• Who helped you get where you are?
  • Most life-giving project this season. Why?
  • Most life-sucking project this season. Why?
  • Your team(s) had a great/terrible season. How did that affect your process this year?
  • If sports disappeared tomorrow, what industry would you design for?

Do Something that Scares You

  • Logo vs Logo Speed Design Tournament
    • Definitely one of the highlights for me last year. At some point on Friday, there will be a chance to opt in for this event. You must sign up. Later that evening, you'll be in a bar, 2 iMacs back-to-back, your adrenaline pumping as you're given 10 minutes to crank out a logo based on a prompt and slay your opponent. All of your new friends will surround you and watch you fumble around Illustrator like a toddler, even though you've used it for 10 years. Sound fun? It is. Do it.
  • Morning run
    • I wanted to do this so bad last year, but then 6 a.m. came and went, and I chose sleep. Don't choose sleep like me. Go for a run with cool people in a cool city. It's a super-unique conference feature, and you'll be hardcore if you do it. We could all use a bit more exercise, in our lives, right? So pack those running shoes, and set the alarm.
  • Follow up
    • It would be really easy to attend the conference, have some surface-level conversations, and then vanish back to your office. What if you did the hard work of following up with someone you met to maintain a relationship, for both of your benefit? One way I've been able to do that is through the Makers of Sport Slack group. It's a thriving group of sports designers brought together by Adam Martin and his Makers of Sport podcast. Make sure you meet Adam at MLC.

Trust the Process(ing)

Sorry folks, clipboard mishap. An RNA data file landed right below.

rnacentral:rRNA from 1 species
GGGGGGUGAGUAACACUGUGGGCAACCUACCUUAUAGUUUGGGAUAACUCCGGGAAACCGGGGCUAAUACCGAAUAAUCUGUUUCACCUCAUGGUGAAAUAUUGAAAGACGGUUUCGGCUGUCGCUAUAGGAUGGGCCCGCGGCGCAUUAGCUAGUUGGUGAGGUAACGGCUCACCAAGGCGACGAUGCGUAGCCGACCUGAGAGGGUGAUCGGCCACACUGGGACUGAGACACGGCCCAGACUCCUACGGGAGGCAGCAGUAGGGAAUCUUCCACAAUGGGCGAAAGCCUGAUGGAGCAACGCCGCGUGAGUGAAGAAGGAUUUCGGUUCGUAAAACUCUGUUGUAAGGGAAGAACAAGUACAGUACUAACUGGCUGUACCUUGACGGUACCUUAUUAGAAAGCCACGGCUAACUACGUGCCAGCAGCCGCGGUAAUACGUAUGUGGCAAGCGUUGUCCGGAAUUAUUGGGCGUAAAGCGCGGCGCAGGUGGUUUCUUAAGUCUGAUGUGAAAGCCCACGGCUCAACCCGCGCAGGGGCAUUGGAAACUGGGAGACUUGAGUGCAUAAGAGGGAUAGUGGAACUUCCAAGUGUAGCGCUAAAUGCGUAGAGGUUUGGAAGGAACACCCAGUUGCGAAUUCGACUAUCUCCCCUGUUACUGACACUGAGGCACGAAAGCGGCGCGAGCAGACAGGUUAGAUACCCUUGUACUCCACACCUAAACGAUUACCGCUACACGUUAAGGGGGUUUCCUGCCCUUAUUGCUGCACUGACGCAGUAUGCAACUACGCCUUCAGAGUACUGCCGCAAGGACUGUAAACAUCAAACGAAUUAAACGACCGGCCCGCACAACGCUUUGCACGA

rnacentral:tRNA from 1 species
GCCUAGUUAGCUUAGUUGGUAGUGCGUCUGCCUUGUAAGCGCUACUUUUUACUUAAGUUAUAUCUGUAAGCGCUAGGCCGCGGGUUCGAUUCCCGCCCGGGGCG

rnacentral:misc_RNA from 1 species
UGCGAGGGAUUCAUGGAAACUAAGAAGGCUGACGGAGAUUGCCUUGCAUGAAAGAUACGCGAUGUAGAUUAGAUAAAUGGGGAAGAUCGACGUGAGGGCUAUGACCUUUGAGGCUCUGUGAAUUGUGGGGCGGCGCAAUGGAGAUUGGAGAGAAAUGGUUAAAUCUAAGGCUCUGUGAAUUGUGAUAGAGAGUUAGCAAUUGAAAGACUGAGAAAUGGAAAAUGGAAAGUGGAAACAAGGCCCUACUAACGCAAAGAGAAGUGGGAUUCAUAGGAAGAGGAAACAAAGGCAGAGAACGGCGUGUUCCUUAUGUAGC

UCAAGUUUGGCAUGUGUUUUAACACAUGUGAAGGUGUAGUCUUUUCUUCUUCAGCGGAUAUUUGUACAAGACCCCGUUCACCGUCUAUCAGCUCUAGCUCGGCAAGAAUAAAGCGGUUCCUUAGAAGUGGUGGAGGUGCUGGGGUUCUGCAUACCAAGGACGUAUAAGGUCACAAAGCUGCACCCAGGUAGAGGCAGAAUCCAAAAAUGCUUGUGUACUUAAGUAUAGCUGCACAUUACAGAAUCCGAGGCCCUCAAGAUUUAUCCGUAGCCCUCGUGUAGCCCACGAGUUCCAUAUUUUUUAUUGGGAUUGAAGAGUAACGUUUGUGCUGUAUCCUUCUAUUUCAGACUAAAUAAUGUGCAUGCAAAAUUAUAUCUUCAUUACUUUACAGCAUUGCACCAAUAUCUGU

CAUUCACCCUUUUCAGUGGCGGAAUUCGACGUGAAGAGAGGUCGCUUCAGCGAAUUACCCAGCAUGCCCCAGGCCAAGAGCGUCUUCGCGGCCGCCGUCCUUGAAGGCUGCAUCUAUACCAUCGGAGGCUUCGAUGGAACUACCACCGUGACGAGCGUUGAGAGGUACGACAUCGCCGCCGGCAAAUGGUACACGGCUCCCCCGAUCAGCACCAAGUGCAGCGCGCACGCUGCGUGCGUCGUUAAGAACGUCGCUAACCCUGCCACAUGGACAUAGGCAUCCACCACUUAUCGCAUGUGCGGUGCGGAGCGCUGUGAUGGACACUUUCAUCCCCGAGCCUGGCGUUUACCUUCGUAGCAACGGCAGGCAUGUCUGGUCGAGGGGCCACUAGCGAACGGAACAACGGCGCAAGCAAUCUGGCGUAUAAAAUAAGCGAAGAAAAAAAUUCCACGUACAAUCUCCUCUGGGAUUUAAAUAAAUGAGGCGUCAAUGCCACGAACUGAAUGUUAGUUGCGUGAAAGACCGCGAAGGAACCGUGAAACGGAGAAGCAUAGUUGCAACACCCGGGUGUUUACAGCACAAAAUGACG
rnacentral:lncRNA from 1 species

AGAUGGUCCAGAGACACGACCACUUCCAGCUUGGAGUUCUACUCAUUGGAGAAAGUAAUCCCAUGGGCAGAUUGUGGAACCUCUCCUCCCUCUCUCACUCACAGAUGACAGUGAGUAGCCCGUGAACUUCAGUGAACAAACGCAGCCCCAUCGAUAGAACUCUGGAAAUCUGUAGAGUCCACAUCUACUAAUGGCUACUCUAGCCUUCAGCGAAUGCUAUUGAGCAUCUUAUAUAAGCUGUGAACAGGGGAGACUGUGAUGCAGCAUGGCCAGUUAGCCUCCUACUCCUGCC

"I’m not writing it down to remember it later, I’m writing it down to remember it now.” - Field Notes

On Sunday, as you make your way back home, you’ll likely have time on a plane to catch up on emails or sleep or work on projects you’re behind on. I challenge you to take at least part of that time to do some processing about what you learned at the conference. Last year, I knew that if I didn’t expand my notes into processed thoughts while it was still fresh, I’d get home, jump back into the work/life sprint and lose the majority of what I heard at MLC. So I did something I’d never done (and honestly haven't done since): I blogged about it. Here. And here.

The speaker lineup this year is incredible. You're going to learn from the best of the best. But how will you digest that information? You could blog about it, journal, sketch, or design something to work through it. The key is to do something with it before it leaves your brain. Was there something that was discussed that you'd never thought of before? Was there a workshop that pertained to exactly what your team is working through? Perhaps there was a follow-up question you didn't get a chance to ask. If you're not sure where to start, think through each session, reading through your notes if you took them, and ask yourself "What can I apply tomorrow when I go into work?" Your boss sent you to this conference because it was going to make you a better designer. How did you improve this weekend?

As designers, we can often let our writing skills suffer at the expense of the visual work we do. How you communicate via the written word matters. It's how we interface with clients and colleagues. It's how you state your case for design decisions. In this case, it's a helpful method to process what you've learned. The week after the conference, I hope to see blog posts up from attendees. If not for yourself and your own learning, do it for all of us on the sidelines this year. Let us know what we missed.

Closing Thoughts

I hope there has been something of value in here for MLC rookies. It was such an impactful experience for my career last year, and I can't wait to be back in 2018! Be a sponge: soak up everything you can. Be quick to listen and slow to speak. Build relationships, and keep up with them after the conference ends. Our industry is better because this event exists and you went to it.

Veterans: Did I miss anything? What would you tell your first-time self?

Speaking of conferences, if any of my sports design friends are planning to attend the AIGA National Conference in Minneapolis this fall, I'd love to connect with you there and show you where to get the best cheeseburger in town.

Drew ElrickComment